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1. MENU sat reclined, with his attention fixed on one

object, the Supreme God; when the divine Sages approached him, and, after mutual salutations in

due form, delivered the following address : 2. Deign, sovereign ruler, to apprize us of the sacred laws in their order, as they must be followed by all the four classes, and by each of them, in their several degrees, together with the duties of every mixed class;

3. For thou, Lord, and thou only among mortals, knowest the true sense, the first principle, and the prescribed ceremonies, of this universal, supernatural Véda, unlimited in extent and unequalled in authority. 4. HE, whose powers were measureless, being thus re

quested by the great Sages, whose thoughts were profound, saluted them all with reverence, and gave

them a comprehensive answer, saying : Be it heard ! 5. This universe existed only in the first divine idea yet unexpanded, as if involved in darkness, imperceptible, undefinable, undiscoverable by reason, and undiscovered by revelation, as if it were wholly immersed in sleep:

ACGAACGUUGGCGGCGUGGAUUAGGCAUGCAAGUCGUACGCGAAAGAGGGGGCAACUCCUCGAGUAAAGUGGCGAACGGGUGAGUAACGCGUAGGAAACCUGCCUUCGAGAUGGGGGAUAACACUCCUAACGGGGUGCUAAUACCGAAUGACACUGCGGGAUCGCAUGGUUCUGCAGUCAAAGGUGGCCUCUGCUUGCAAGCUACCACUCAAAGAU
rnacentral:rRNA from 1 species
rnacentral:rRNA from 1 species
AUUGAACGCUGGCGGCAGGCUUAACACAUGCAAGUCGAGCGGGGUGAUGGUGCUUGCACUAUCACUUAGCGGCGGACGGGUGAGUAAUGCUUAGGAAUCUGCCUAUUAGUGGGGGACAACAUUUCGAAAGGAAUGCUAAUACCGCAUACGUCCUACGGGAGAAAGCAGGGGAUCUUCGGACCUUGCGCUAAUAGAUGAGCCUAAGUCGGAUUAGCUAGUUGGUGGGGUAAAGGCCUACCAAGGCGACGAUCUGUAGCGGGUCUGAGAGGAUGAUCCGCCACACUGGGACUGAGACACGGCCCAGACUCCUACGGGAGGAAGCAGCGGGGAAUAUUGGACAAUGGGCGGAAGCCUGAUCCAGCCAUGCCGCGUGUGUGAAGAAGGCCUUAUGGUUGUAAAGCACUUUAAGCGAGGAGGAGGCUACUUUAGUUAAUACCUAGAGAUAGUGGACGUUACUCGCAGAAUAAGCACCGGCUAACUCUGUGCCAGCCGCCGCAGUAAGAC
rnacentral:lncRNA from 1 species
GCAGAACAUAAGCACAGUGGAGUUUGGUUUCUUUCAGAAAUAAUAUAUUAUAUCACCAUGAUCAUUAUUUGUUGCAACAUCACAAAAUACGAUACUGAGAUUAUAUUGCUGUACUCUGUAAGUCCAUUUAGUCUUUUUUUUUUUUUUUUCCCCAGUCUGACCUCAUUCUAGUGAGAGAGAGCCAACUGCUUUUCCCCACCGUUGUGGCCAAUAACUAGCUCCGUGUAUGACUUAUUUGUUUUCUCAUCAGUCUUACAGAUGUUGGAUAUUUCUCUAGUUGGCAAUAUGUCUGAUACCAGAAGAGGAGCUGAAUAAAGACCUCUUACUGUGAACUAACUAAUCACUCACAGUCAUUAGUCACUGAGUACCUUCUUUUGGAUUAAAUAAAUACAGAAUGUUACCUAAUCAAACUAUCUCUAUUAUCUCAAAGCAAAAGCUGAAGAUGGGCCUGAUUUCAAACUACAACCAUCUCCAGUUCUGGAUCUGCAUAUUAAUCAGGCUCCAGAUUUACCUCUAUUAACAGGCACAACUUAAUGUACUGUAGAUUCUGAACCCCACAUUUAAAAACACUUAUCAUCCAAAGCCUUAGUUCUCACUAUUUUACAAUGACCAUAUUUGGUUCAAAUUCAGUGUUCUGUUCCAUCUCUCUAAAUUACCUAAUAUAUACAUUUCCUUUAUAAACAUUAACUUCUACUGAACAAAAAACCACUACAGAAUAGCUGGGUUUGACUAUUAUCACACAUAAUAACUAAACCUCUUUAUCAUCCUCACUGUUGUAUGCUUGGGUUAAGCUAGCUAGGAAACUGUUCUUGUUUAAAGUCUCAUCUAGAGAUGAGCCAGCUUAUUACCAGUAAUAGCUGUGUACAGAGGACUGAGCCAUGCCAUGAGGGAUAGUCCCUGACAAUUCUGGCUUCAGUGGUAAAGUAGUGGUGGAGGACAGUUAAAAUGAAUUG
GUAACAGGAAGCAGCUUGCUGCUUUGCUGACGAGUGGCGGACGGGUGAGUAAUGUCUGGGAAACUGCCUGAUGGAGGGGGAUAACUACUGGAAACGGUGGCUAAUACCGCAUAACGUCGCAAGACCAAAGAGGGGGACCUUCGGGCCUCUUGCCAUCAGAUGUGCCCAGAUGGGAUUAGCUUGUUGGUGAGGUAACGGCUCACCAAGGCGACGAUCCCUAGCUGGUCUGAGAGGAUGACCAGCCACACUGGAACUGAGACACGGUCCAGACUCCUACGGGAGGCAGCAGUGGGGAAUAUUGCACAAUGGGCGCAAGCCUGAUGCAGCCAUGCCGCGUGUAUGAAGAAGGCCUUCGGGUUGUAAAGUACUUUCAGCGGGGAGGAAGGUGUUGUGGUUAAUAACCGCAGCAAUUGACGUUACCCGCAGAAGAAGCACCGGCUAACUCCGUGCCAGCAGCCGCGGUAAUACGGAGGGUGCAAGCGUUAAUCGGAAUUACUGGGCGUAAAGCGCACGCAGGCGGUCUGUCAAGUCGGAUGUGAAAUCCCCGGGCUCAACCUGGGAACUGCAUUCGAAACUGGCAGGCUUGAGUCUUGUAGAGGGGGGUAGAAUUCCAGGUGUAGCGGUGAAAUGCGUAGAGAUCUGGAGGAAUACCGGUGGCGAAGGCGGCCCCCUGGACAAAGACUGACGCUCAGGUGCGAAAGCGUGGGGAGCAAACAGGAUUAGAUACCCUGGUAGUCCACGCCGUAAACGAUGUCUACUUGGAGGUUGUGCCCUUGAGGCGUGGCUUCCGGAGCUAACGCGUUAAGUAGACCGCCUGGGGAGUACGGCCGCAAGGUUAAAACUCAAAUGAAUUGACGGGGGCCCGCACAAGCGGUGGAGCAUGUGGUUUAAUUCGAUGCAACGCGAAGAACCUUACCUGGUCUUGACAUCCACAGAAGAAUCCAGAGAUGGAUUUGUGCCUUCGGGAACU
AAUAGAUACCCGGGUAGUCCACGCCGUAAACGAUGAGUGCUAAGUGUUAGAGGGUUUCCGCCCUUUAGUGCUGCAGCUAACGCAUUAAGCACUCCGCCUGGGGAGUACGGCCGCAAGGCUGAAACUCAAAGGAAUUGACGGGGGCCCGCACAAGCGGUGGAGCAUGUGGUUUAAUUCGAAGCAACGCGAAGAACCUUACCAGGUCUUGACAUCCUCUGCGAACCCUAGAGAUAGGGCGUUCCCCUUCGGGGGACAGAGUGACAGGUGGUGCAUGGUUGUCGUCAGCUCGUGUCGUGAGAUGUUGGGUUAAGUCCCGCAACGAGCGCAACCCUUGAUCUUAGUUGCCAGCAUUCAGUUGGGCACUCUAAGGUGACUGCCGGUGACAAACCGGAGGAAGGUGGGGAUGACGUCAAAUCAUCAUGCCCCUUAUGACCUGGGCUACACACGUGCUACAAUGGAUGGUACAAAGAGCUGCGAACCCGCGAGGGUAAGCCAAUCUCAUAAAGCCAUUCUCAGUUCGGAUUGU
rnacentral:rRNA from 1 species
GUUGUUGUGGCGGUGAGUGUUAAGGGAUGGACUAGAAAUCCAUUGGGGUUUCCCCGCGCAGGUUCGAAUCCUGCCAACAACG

6. Then the sole self-existing power, himself undiscerned, but making this world discernible, with five elements and other principles of nature, appeared with undiminished glory, expanding his idea, or dispelling the gloom.

7. HE, whom the mind alone can perceive, whose essence eludes the external organs, who has no visible parts, who exists from eternity, even HE, the soul of all beings, whom no being can comprehend, shone forth in person.

8. HE, having willed to produce various beings from his own divine substance, first with a thought created the waters, and placed in them a productive seed :

9. The seed became an egg bright as gold, blazing like the luminary with a thousand beams; and in that egg, he was born himself, in the form of BRAHMA', the great forefather of all spirits.

10. The waters are called nárá, because they were the production of NARA, or the spirit of God; and since they were his first ayana, or place of motion, he thence is named NAʼRA'YANA, or moving on the waters.